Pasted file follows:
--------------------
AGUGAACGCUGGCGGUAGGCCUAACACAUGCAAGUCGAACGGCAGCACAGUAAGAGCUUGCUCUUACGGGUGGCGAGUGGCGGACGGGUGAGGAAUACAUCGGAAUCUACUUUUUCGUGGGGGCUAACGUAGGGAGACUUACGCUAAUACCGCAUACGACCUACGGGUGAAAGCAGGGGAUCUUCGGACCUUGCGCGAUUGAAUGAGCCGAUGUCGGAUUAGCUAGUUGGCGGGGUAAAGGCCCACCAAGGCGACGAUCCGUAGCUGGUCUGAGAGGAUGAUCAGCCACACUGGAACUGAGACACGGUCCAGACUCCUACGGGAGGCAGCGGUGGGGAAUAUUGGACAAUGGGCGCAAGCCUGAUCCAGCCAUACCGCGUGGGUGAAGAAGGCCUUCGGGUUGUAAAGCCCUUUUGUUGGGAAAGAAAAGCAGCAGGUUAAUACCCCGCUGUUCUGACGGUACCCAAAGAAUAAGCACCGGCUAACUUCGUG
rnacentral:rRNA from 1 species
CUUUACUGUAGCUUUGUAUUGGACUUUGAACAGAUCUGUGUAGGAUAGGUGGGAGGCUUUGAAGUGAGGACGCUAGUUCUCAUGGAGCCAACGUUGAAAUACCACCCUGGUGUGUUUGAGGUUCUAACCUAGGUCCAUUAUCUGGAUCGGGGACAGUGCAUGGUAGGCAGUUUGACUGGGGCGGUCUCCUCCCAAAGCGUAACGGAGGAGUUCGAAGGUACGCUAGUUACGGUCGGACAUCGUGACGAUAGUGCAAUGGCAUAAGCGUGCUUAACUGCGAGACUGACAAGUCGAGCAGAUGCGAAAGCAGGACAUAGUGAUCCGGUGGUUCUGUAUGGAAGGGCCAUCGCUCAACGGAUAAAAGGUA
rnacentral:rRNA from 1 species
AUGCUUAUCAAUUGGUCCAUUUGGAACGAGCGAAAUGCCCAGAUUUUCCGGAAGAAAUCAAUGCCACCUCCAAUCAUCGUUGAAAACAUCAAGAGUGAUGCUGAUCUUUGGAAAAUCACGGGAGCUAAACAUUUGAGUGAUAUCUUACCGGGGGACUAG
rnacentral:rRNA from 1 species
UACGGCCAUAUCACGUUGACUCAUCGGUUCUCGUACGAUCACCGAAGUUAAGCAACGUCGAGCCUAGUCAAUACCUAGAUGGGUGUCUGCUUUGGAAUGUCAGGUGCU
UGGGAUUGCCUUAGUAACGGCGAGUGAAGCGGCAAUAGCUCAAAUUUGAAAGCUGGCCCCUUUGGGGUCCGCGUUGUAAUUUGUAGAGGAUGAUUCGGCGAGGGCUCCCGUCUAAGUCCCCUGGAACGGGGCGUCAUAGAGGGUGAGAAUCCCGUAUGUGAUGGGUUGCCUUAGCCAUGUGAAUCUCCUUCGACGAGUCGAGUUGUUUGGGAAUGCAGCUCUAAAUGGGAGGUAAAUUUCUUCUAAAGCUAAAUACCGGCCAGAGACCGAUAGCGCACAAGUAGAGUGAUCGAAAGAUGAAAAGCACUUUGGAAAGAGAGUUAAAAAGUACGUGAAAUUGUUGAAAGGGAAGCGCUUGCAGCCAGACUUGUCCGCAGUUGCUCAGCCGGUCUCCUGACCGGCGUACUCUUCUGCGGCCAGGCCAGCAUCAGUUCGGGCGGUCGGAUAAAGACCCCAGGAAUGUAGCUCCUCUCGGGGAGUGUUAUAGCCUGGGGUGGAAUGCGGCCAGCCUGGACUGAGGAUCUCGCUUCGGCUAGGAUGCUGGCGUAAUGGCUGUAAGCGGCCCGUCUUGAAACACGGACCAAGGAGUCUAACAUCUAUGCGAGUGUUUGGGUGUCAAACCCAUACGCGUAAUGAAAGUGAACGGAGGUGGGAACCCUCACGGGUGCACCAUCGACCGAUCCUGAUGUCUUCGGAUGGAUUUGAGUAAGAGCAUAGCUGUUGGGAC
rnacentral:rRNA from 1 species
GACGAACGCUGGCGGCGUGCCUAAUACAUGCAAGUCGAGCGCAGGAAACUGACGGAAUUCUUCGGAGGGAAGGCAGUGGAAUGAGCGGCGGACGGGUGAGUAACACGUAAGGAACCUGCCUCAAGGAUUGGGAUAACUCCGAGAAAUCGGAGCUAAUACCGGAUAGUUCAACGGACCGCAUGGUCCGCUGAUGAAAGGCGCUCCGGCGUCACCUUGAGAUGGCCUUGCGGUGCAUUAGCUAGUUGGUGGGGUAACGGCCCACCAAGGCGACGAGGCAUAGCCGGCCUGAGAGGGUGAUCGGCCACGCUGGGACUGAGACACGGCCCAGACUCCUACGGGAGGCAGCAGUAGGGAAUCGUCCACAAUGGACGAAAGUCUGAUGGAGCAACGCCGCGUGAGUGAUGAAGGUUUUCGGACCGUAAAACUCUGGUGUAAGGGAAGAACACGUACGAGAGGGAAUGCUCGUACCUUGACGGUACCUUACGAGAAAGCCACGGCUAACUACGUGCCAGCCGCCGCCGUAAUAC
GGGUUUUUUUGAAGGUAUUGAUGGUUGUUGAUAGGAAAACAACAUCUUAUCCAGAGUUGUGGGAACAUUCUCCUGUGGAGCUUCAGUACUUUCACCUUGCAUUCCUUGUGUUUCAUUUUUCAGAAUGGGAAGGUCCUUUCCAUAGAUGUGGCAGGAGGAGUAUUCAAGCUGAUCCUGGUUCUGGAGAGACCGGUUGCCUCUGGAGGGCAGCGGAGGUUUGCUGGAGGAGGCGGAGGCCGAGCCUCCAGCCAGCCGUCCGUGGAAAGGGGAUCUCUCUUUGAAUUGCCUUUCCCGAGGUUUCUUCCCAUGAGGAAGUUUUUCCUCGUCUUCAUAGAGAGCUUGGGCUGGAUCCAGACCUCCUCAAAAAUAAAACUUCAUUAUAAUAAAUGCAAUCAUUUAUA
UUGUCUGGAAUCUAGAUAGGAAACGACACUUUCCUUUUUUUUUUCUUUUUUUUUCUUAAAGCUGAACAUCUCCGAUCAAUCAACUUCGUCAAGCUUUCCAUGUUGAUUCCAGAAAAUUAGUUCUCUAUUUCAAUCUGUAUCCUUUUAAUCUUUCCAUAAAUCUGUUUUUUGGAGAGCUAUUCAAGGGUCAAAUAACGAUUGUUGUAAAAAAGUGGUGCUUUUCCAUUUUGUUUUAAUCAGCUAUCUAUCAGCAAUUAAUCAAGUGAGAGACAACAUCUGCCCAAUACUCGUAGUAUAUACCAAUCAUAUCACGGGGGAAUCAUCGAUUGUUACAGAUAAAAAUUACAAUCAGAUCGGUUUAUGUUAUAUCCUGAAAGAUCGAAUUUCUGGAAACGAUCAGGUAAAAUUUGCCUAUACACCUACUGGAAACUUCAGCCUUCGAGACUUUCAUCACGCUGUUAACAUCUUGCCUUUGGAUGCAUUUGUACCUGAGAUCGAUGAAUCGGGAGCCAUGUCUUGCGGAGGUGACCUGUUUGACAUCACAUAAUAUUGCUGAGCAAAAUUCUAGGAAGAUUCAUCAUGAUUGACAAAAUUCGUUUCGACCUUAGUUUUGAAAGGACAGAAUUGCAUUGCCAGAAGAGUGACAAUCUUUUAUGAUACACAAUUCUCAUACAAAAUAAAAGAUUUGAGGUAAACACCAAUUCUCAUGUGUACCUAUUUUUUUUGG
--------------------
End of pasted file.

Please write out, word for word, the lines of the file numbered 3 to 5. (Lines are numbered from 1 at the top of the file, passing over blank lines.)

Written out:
CUUUACUGUAGCUUUGUAUUGGACUUUGAACAGAUCUGUGUAGGAUAGGUGGGAGGCUUUGAAGUGAGGACGCUAGUUCUCAUGGAGCCAACGUUGAAAUACCACCCUGGUGUGUUUGAGGUUCUAACCUAGGUCCAUUAUCUGGAUCGGGGACAGUGCAUGGUAGGCAGUUUGACUGGGGCGGUCUCCUCCCAAAGCGUAACGGAGGAGUUCGAAGGUACGCUAGUUACGGUCGGACAUCGUGACGAUAGUGCAAUGGCAUAAGCGUGCUUAACUGCGAGACUGACAAGUCGAGCAGAUGCGAAAGCAGGACAUAGUGAUCCGGUGGUUCUGUAUGGAAGGGCCAUCGCUCAACGGAUAAAAGGUA
rnacentral:rRNA from 1 species
AUGCUUAUCAAUUGGUCCAUUUGGAACGAGCGAAAUGCCCAGAUUUUCCGGAAGAAAUCAAUGCCACCUCCAAUCAUCGUUGAAAACAUCAAGAGUGAUGCUGAUCUUUGGAAAAUCACGGGAGCUAAACAUUUGAGUGAUAUCUUACCGGGGGACUAG